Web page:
EVALUATION METHODOLOGY

In order to validate the relevance and profitability of the training program offered to Future-Tel's sales representatives and solutions specialists, TalentPlus suggested conducting an impact study.

The Phillips ROI Methodology was selected due to its proven and documented use. This approach produces six types of data: reaction, learning, application, business impact, ROI, and intangible benefits. In addition, the methodology uses a systematic logic model to collect, analyze, and report data. Along the way, the process is guided by 12 conservative standards.

The levels of data captured by the ROI Methodology are listed in Table 8-1.

Table 8-1. Levels of Data

Level 1: Reaction

• Measures the participants' reactions to training.

• Data captured at the end of the session.

Level 2: Learning

• Measures the participants' level of retention.

• Data captured at the end of the session and validated in the application survey.

Level 3: Application

• Assesses the frequency of use of what was learned.

• Data captured via an online survey, 60 to 90 days after the training.

Level 4: Impact

• Measures variations on KPIs (revenues, margins, etc.).

• Data captured via an online survey and through client database, 120 to 180 days after the training.

Level 5: ROI

• Measures the actual ROI by comparing the net monetary contribution of the training program against its fully loaded costs.


General Description of Approach

Figure 8-2 shows that the ROI Methodology was integrated into the entire training project.

Before starting the design of the training content, a meeting took place between TalentPlus CRP's and Future-Tel's stakeholders in order to align (phase 1) the client business objectives and the evaluation objectives. Following the alignment meeting, a data collection plan and an ROI analysis plan were produced and then validated by Future-Tel. Table 8-2 describes the assessment levels.

Figure 8-2. Evaluation Methodology

Table 8-2. Desired Outcomes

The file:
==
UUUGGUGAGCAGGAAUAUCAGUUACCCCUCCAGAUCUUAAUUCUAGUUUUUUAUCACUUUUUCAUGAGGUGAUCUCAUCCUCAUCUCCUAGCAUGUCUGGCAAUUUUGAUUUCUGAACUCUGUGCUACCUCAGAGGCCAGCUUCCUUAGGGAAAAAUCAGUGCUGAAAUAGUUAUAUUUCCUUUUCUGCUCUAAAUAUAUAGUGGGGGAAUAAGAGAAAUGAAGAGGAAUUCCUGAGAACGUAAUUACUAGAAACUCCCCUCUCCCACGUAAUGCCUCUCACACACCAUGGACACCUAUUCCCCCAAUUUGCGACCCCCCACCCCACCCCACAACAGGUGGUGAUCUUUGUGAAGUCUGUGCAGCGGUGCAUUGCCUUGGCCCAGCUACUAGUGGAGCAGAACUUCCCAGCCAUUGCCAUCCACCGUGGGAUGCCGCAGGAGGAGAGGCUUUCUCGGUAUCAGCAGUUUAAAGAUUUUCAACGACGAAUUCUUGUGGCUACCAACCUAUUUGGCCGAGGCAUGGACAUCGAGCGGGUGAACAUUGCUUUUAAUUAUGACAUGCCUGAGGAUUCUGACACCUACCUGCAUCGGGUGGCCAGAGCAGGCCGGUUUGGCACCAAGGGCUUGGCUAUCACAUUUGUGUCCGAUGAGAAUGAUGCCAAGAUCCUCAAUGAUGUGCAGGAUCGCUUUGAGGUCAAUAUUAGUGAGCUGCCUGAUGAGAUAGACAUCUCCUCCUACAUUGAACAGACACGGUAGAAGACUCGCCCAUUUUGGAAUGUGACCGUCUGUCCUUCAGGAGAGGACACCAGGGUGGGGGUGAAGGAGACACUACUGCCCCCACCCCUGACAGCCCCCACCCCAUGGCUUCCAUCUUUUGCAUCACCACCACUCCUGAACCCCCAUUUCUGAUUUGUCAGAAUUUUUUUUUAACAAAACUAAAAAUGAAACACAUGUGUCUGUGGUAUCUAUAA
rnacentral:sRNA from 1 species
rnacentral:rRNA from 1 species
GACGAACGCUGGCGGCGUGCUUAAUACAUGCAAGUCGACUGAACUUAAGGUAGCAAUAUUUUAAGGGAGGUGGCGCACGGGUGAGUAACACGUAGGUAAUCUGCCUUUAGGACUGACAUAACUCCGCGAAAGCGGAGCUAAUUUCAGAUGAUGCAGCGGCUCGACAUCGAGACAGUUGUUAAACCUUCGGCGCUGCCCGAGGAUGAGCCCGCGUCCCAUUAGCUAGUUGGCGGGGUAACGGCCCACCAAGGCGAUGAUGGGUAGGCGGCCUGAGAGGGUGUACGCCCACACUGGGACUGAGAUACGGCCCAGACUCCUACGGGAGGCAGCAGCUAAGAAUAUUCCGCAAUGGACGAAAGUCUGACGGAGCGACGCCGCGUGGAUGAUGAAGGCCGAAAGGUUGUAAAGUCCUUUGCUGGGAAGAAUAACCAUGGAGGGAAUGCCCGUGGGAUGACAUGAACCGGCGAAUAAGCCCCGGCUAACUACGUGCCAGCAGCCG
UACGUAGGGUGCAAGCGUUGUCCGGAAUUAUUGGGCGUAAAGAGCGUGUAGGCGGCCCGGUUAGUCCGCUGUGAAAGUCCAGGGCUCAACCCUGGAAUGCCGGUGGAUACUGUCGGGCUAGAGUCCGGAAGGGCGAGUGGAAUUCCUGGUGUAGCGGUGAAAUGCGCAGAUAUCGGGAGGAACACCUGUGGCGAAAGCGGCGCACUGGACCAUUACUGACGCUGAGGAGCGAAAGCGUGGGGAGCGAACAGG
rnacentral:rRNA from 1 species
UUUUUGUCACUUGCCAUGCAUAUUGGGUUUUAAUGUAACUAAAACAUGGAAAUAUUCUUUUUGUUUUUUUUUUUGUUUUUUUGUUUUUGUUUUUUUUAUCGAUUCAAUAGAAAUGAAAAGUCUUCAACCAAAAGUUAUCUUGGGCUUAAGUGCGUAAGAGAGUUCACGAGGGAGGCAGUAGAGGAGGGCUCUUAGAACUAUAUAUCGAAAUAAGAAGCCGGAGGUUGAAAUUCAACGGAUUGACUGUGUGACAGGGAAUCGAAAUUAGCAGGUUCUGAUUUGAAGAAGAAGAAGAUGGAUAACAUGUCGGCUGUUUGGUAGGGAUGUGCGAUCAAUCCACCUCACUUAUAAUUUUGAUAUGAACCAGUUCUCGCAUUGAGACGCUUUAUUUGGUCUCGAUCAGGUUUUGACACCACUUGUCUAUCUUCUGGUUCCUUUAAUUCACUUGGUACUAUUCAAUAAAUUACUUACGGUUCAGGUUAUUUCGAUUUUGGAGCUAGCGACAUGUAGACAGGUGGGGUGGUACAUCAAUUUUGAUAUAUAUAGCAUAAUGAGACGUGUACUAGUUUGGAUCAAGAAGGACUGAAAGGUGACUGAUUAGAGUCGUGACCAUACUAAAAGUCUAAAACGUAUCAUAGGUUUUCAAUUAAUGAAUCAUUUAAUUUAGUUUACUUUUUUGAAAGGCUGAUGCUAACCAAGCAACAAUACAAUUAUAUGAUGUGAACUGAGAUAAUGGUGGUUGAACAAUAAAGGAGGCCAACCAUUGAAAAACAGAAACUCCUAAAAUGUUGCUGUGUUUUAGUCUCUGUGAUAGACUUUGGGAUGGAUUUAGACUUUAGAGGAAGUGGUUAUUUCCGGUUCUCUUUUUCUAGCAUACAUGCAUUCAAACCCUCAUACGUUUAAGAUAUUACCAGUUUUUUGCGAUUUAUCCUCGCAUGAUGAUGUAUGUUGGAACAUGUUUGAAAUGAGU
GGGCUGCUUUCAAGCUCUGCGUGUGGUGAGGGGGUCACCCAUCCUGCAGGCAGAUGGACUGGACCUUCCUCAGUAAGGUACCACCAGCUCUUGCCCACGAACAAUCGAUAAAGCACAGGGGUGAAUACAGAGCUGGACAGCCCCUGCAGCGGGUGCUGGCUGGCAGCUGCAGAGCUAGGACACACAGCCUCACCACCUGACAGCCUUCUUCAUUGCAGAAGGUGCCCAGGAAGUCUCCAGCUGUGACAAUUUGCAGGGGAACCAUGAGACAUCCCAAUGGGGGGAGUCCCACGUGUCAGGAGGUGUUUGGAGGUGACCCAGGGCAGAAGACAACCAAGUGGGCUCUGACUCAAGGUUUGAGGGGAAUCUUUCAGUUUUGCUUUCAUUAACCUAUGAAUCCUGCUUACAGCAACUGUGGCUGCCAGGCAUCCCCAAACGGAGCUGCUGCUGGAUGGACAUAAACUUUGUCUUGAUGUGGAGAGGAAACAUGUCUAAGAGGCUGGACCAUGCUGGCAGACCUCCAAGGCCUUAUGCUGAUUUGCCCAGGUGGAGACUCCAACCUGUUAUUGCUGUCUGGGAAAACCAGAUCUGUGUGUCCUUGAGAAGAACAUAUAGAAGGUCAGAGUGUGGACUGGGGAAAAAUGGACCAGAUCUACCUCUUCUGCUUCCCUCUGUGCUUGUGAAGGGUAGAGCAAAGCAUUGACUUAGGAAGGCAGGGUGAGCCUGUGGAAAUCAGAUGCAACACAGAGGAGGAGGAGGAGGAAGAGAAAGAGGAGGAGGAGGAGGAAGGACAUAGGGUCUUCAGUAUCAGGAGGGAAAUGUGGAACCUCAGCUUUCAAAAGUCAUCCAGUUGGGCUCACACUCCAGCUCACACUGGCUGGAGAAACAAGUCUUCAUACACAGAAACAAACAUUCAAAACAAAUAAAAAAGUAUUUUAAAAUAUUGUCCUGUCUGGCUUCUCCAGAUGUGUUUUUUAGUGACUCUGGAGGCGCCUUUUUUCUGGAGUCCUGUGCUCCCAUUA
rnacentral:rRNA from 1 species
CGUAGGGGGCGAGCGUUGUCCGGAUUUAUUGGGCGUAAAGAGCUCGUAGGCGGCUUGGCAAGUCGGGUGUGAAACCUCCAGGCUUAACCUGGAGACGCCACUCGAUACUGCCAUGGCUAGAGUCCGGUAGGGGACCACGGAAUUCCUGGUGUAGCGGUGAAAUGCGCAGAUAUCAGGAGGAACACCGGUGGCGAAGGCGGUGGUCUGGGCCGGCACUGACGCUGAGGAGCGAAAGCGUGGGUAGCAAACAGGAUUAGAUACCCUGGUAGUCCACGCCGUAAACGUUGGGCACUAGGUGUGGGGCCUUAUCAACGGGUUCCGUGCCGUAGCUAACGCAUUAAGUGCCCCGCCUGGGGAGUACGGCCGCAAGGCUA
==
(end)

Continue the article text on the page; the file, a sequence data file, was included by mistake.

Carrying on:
Level 5

Desired ROI

What kind of ROI is required from this project?

Level 4

Desired business impact

To achieve the ROI target, what business impact is required?

Level 3

Behavior outcomes

To get business impact, what kind of behaviors need to change?

Level 2

Learning outcomes

To change those behaviors, what must people learn?

Level 1

Reaction outcomes

To drive learning, what kind of reactions must we provoke?

During the skill-building phase, 24 training sessions (one day) took place. At the end of each training session, the participants, the most credible source of data, had to complete two questionnaires to assess Levels 1 and 2. Sixty days after the completion of data collection at Levels 1 and 2, each sales professional who attended the one-day training session had to complete a Level 3 survey. The collected data allowed assessment of what extent the salespeople were using the knowledge acquired during their one-day training session.

In addition, after 120 days, the sales professionals were given a business impact questionnaire (Level 4) to verify if the changes in terms of attitude and behavior were maintained. This questionnaire also allowed for collection of information on predefined key performance indices (KPI).

At the end of the program, Future-Tel granted TalentPlus access to its business results database. Performance indicators such as average revenue per closed sale, number of opportunities closed with their dollar amount, and sales cycle duration were observed.

To calculate a conservative and precise ROI, one KPI was selected: revenue increase. It was decided to measure the difference between the total sales revenues won by Future-Tel nine months before the training sessions and nine months after the training program.

In order to isolate the effects of the program, the participants were asked to estimate in percentage the actual impact of the training on their sales results as well as their level of confidence in their evaluation. This provides the actual contribution of the program.

The revenue increase measured was then multiplied by the actual contribution to assess the portion of revenue increase that could be associated with the program.

Finally, in order to be as conservative as possible, the ROI was measured by comparing the costs of the program to the net profit generated through the revenue increase. (The net profit considered in this study was chosen based on the lowest net margins observed in Future-Tel's annual reports over the last three years.)

 
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